It was one of the most exciting moments of the year for the industry.
Insurers are trying to find a way to compete in a crowded market for a wide range of services, and with the rise of a new generation of younger consumers, many companies are pushing back.
Insurers are seeking to offer lower premiums, lower deductibles and higher benefits to younger consumers to try to entice them to get them coverage.
But as the industry matures and the younger consumers get more and more active, they may find they have to pay more out of pocket, which could put them at higher risk of having a higher deductible.
A study released Monday by the American Hospital Association and the Institute of Medicine said that millennials are less likely to pay for essential health services, such as prescription drugs, than older Americans.
The study said that while they pay about 20 percent more out-of-pocket for basic health care than older adults, they are less apt to use preventive services and that they also are more likely to use a doctor who is not a specialist.
“I think the reason is that millennials do not have a lot of money to spend on things that they want, and that is really the big reason for them not using health insurance,” said Sarah Gertz, an associate professor at the University of Pennsylvania and a co-author of the study.
“They don’t have the disposable income that older Americans have, so they are more focused on the quality of care, and they want to make sure that it is right for them, and not something that is out of reach,” GertZ said.
But the trend toward lower premium and lower deductible benefits has not always been this dramatic.
Older Americans were paying far more out than younger ones, but not as much as younger consumers are.
The median premium for a one-year policy with a deductible of $1,000 was $1.3, up from $1 in 2010, according to the Kaiser Family Foundation.
For older adults the premium hikes were modest.
A one-month policy with an $8,000 deductible was $2,945 in 2020, according the Kaiser report.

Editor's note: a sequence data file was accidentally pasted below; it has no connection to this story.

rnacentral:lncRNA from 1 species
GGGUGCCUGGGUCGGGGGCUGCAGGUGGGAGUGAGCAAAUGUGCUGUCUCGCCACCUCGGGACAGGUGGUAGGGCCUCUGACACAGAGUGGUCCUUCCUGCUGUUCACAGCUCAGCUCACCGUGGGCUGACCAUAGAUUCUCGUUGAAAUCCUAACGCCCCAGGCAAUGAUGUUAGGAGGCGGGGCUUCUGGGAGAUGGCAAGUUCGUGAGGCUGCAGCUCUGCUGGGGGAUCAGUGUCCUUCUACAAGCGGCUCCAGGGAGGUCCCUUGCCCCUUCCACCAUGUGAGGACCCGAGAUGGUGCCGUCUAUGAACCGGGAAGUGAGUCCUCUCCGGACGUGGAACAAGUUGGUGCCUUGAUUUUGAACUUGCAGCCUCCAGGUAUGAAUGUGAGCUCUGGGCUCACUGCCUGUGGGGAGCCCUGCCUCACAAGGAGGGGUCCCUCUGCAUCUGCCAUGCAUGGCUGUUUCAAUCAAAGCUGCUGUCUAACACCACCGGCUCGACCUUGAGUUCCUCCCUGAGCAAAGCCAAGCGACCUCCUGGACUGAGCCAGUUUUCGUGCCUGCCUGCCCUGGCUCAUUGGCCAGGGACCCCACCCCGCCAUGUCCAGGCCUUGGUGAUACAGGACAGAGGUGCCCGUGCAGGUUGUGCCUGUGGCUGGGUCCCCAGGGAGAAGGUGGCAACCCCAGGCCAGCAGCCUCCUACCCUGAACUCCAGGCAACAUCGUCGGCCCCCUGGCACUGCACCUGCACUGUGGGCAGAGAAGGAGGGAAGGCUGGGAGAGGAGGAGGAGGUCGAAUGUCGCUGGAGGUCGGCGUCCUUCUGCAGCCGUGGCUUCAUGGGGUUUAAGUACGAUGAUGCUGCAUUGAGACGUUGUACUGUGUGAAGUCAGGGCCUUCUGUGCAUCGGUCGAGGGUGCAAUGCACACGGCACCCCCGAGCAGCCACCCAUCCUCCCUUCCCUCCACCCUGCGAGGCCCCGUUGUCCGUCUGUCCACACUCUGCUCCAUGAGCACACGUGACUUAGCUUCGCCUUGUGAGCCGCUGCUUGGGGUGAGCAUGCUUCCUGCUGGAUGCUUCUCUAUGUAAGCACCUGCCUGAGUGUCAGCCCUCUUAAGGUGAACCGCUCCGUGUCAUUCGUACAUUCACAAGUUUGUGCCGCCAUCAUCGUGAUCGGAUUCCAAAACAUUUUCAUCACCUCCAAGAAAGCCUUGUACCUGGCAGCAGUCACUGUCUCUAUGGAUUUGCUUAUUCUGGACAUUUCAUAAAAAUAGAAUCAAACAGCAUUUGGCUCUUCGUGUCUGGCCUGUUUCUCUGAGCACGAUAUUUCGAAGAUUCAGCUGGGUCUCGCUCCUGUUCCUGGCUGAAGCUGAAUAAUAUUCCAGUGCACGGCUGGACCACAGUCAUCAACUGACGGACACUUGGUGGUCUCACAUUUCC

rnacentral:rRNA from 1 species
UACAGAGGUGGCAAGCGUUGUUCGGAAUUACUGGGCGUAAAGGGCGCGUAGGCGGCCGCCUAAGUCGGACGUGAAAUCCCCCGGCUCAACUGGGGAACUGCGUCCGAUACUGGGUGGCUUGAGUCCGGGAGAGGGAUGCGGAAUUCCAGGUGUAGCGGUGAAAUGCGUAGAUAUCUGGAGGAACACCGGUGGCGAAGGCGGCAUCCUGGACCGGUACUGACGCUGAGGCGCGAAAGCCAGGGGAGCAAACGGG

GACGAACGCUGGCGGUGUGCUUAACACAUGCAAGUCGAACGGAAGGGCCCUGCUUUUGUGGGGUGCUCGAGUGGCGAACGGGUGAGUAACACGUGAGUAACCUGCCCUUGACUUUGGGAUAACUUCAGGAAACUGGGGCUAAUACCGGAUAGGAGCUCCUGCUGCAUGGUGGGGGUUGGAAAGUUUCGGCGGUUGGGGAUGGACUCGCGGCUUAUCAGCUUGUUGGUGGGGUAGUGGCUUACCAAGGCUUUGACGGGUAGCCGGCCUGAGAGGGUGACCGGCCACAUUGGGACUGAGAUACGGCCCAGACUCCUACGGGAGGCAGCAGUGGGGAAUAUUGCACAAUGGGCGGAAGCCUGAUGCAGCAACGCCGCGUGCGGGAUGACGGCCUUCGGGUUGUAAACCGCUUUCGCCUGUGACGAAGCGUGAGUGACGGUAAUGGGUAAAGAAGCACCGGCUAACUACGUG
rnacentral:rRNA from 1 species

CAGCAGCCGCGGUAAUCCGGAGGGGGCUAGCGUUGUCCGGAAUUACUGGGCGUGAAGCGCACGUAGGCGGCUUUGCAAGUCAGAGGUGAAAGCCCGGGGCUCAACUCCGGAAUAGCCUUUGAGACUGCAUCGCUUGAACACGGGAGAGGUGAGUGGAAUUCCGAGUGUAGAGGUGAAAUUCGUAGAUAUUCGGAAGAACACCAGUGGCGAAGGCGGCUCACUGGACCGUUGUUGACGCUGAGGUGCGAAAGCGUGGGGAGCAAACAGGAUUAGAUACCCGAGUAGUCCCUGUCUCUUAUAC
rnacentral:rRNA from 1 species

The lowest deductible among younger consumers was $6,746 in 2020.
But with the number of younger individuals signing up for coverage skyrocketing, insurance companies are finding they are faced with the challenge of keeping up with the demand.
Insurance companies have raised premiums on some policies to try and keep up with new costs and also to keep up enrollment.
For instance, Blue Cross Blue Shield of Texas raised its monthly premium by 10 percent for plans with an average deductible of more than $4,000 for one year to $5,000.
Blue Cross BlueShield of Texas is facing criticism from some insurance executives for hiking its premium for older people, as they are often older consumers with higher medical costs, who tend to pay a lot more out, according in the Kaiser study.
Insurer officials say that increases are justified by the rising costs of prescription drugs and a growing number of health conditions.
“We are not the ones who are increasing premiums,” said Kevin Lien, a vice president of marketing for the Blue Cross and Blue Shield Association of North America.
“It’s the older people who are having to pay.”
Lien said that the average deductible for the company’s older enrollees is $7,400, but the company plans to gradually increase that amount over time.
That would give them a lower deductible, but it also would allow the company to raise the maximum amount they can charge people for coverage to $13,500.
BlueCross BlueShield has not responded to a request for comment.